When she succeeded her father George VI, Winston Churchill was her first prime minister and Josef Stalin led the Soviet Union. She met nearly every major figure from politics to entertainment and sport including Nelson Mandela, Pope John Paul II, the Beatles, Marilyn Monroe, Pele and Roger Federer.
Despite being reputedly just 1.6m tall, she dominated rooms with her presence and became a towering global figure, praised in death from Paris and Washington to Moscow and Beijing. National mourning was observed in Brazil, Jordan and Cuba, countries with which she had little direct link.
“Queen Elizabeth II was without any shadow of a doubt the best known figure in the world, the most photographed person in history, the most recognisable person, and the fact that world leaders are going to be pouring into London for the funeral … is saying a lot about this iconic figure,” historian Anthony Seldon told Reuters.
Transport chiefs said one million people were expected in central London for the funeral, while police say it will be the biggest security operation ever in the capital.
King Charles III, his siblings and sons Princes William and Harry and other members of the Windsor family will slowly walk behind the coffin as it is taken on the gun carriage to Westminster Abbey, led by about 200 pipers and drummers.
The tenor bell of the Abbey – the site of coronations, weddings and burials of English and then British kings and queens for almost 1,000 years – will toll 96 times.
“Here, where Queen Elizabeth was married and crowned, we gather from across the nation, from the Commonwealth, and from the nations of the world, to mourn our loss, to remember her long life of selfless service,” David Hoyle, the Dean of Westminster will say.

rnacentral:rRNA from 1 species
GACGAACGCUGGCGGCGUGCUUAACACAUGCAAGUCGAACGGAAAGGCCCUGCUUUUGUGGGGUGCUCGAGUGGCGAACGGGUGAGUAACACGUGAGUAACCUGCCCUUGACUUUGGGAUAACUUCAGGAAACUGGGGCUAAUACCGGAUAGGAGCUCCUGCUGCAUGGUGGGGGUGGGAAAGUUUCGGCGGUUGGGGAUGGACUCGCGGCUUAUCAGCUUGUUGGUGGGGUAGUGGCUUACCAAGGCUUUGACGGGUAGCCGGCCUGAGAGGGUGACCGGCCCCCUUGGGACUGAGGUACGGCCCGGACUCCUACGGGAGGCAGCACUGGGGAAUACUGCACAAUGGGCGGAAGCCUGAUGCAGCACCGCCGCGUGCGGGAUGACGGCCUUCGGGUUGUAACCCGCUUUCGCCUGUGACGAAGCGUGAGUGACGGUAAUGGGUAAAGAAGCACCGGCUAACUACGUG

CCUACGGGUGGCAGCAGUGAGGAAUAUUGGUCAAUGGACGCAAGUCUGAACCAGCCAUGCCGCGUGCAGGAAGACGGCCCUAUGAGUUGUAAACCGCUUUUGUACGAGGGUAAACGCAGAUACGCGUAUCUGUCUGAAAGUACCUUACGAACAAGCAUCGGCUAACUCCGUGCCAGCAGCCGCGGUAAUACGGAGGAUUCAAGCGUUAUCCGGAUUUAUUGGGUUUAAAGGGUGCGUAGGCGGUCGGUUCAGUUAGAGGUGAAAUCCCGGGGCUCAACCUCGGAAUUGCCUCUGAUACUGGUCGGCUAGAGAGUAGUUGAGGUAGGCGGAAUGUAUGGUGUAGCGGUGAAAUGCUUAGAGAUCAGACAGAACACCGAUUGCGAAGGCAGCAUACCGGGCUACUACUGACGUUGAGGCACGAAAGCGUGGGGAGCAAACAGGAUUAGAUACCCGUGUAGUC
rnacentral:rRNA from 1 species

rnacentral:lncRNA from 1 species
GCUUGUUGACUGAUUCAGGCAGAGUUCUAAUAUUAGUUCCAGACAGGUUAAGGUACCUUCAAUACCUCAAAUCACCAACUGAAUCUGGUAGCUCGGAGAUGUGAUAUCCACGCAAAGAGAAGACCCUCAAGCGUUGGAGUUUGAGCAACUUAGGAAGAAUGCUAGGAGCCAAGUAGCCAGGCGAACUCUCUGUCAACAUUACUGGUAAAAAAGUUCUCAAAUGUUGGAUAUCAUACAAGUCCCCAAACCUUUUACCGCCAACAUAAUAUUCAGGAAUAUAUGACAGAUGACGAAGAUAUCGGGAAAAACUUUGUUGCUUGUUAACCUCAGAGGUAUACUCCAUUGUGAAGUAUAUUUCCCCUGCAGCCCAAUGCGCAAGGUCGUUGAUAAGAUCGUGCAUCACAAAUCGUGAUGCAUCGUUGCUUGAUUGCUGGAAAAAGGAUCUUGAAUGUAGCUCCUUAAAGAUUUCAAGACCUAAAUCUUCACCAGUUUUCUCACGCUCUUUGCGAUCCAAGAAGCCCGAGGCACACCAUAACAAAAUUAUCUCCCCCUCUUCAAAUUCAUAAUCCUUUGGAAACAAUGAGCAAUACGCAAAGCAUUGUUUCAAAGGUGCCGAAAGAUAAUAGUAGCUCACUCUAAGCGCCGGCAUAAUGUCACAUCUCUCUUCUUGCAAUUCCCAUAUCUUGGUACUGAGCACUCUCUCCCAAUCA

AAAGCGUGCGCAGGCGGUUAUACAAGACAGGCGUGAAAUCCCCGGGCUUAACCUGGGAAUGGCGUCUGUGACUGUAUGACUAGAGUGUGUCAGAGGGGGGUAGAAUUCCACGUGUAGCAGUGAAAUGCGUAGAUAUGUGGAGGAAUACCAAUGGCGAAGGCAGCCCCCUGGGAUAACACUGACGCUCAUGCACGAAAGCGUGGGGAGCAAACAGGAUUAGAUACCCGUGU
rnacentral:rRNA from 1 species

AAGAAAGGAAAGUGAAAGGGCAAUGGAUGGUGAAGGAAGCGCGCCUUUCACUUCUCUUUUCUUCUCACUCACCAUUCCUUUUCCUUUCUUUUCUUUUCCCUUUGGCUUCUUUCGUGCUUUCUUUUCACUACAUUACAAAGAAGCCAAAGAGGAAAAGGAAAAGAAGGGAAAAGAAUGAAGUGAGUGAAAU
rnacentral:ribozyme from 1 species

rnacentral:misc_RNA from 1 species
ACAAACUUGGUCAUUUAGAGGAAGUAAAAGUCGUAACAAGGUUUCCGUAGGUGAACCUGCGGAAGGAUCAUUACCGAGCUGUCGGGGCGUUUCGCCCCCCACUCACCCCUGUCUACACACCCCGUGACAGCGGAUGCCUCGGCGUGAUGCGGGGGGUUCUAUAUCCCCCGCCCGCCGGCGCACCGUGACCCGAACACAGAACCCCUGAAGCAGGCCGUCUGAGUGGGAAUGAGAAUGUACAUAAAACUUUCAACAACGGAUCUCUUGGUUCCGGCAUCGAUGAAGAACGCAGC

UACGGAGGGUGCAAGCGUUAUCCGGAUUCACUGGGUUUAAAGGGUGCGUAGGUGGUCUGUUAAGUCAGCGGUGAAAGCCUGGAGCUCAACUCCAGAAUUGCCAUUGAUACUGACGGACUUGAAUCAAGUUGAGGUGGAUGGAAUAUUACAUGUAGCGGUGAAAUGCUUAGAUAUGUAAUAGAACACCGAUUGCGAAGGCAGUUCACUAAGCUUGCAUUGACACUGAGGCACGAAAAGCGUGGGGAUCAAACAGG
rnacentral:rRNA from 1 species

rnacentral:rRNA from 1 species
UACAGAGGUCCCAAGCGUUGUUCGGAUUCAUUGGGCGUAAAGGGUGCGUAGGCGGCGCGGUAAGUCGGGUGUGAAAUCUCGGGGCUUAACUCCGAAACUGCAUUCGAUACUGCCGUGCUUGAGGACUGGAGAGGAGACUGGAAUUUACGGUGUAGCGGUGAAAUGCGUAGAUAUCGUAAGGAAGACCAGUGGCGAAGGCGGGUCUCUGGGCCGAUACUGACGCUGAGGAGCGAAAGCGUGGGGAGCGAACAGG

In addition to dignitaries, the congregation will include those awarded Britain’s highest military and civilian medals for gallantry, representatives from charities supported by the queen, and those who made “extraordinary contributions” to dealing with the COVID-19 pandemic.
TWO MINUTE SILENCE
Tens of millions in Britain and abroad are expected to watch the funeral of the monarch, something which has never been televised before. It will end with the Last Post trumpet salute before the church and the nation falls silent for two minutes.
Afterwards, the coffin will be brought through central London, past the queen’s Buckingham Palace home to the Wellington Arch at Hyde Park Corner, with the monarch and the royal family following again on foot during the 2.4km procession.
From there, it will be placed on a hearse to be driven to Windsor Castle, west of London, for a service at St George’s Chapel. This will conclude with the crown, orb and sceptre – symbols of the monarch’s power and governance – being removed from the coffin and placed on the altar.
The Lord Chamberlain, the most senior official in the royal household, will break his Wand of Office, signifying the end of his service to the sovereign, and place it on the casket.
It will then be lowered into the royal vault as the Sovereign’s Piper plays a lament, slowly walking away until music in the chapel gradually fades.
Later in the evening, in a private family service, the coffin of the queen and her husband of more than seven decades, Prince Philip, who died last year aged 99, will be buried together at the King George VI Memorial Chapel, where her parents and sister, Princess Margaret, also rest.
“We’re so happy you’re back with Grandpa. Goodbye dear grannie, it has been the honour of our lives to have been your granddaughters and we’re so very proud of you,” grandchildren Princesses Beatrice and Eugenie said.